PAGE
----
Eastern Idaho Endodontics

Root Canal Experts – Specialists in Saving Teeth

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DID YOU KNOW?

Endodontic Treatment has a high success rate and many root canal-treated teeth last a LIFETIME! Replacing an extracted tooth with a bridge or implant requires more time in treatment and may result in further procedures to neighboring teeth and supporting tissue.

WHY CHOOSE AN ENDODONTIST?

DID YOU KNOW?

On average, Endodontists perform nearly 25 root canal treatments a week, while general dentists perform less than two.

WHY CHOOSE AN ENDODONTIST?

Staying Safe

Our mission is to treat families like our own in a fun, safe and trustworthy environment. Our number one priority is the safety and health of our patients, families, and staff. For that purpose, Eastern Idaho Endodontics has instituted enhanced cleaning protocols. We request any patient or accompanying family member who has experienced any COVID symptoms (fever, cough or shortness of breath) to please remain at home and reschedule your appointment with us. Please stay safe and healthy and remember to take care of each other.

Root Canal Treatment

A root canal is one of the most common dental procedures with well over 14 million performed every year. This simple treatment can save your natural teeth and prevent the need for dental implants or bridges.

Root Canal Surgery

Endodontic surgery (Apicoectomy) can be used to address issues that may not be apparent on x-rays but still manifest pain in the tooth. Affected root surfaces or the surrounding bone may also be treated with this procedure.

Root Canal TreatmentSurgery

Root Canal TreatmentSurgery

Thanks to modern techniques and effective anesthesia, patients who experience root canals are six times more likely to describe it as painless than patients who have a tooth extracted! If you would like additional information, please don’t hesitate to contact us.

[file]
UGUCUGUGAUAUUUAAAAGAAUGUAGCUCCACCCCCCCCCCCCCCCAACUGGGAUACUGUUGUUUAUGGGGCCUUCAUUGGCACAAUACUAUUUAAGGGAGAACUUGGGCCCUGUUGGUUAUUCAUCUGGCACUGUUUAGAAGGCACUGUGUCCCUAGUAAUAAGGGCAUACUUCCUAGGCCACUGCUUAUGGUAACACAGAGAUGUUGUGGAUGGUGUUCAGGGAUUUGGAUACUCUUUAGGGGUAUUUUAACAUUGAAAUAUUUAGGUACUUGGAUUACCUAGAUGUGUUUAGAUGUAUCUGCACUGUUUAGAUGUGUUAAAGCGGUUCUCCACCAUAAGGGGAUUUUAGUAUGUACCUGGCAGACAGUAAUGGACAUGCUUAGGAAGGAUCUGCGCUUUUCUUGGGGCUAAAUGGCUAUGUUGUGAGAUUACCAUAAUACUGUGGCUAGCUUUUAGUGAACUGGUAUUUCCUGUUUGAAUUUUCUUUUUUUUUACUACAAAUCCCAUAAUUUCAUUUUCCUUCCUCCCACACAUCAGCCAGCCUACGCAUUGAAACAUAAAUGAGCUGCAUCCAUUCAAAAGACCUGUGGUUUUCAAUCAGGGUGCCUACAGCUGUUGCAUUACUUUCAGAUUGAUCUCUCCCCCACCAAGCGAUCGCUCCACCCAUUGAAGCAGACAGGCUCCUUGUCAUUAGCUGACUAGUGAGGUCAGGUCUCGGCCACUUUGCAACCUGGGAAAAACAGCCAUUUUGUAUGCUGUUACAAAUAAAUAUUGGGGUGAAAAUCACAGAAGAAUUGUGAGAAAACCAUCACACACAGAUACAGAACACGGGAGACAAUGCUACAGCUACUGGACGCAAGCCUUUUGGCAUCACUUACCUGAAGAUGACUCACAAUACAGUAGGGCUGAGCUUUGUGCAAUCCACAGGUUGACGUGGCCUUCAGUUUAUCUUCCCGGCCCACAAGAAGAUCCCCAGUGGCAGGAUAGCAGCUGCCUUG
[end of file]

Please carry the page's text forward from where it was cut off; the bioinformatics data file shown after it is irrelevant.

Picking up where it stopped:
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Helpful Patient Information

This section offers information from the administrative side of the practice, including:

Our Procedures
HAVE  ENDODONTIC QUESTIONS?

Our Experts Can Help!

Endodontics is a branch of dentistry recognized by the American Dental Association involving the treatment of the pulp (root canal) and surrounding tissues of the tooth. When you look at your tooth in the mirror, what you see is the crown. The rest of the tooth, the portion that is hidden beneath the gum line, is called the root. Though the outer portion of the root is a hard tissue called dentin, the inside channel or “root canal” contains a pulp of soft tissue, blood vessels, and nerves. Bacteria that are introduced into the pulp as a result of tooth decay, periodontal disease, tooth fracture, or other problems, can severely damage the pulp. When that happens, an endodontic specialist removes the diseased pulp to save the tooth and prevent further infection and inflammation. After successful endodontic treatment, the tooth continues to perform normally.

No. While x-rays will be necessary during your endodontics treatment, we use an advanced non-film computerized system, called digital radiography, that produces radiation levels up to 90 percent lower than those of already low-dose conventional dental x-ray machinery. These digital images can be optimized, archived, printed, and sent to co-therapists via e-mail or CD-ROM.

Again, there’s no need for concern. We adhere to the most rigorous standards of infection control advocated by OSHA, the Centers for Disease Control, and the American Dental Association. We utilize autoclave sterilization and barrier techniques to eliminate any risk of infection.

When your root canal therapy has been completed, a record of your treatment will be sent to your restorative dentist. You should contact his office for a follow-up restoration within 30 days of completion at our office. Your restorative dentist will decide on what type of restoration is necessary to protect your tooth. It is rare for endodontic patients to experience complications after routine endodontic treatment or microsurgery. If a problem does occur, however, we are available at all times to respond.

Operating Microscopes:
In addition to digital radiography, we utilize special operating microscopes. Magnification and fiber optic illumination are helpful in aiding the doctor to see tiny details inside your tooth.

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Dr. Morrison

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Dr. Sutton

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Dr. Bingham

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Dr. Hyde

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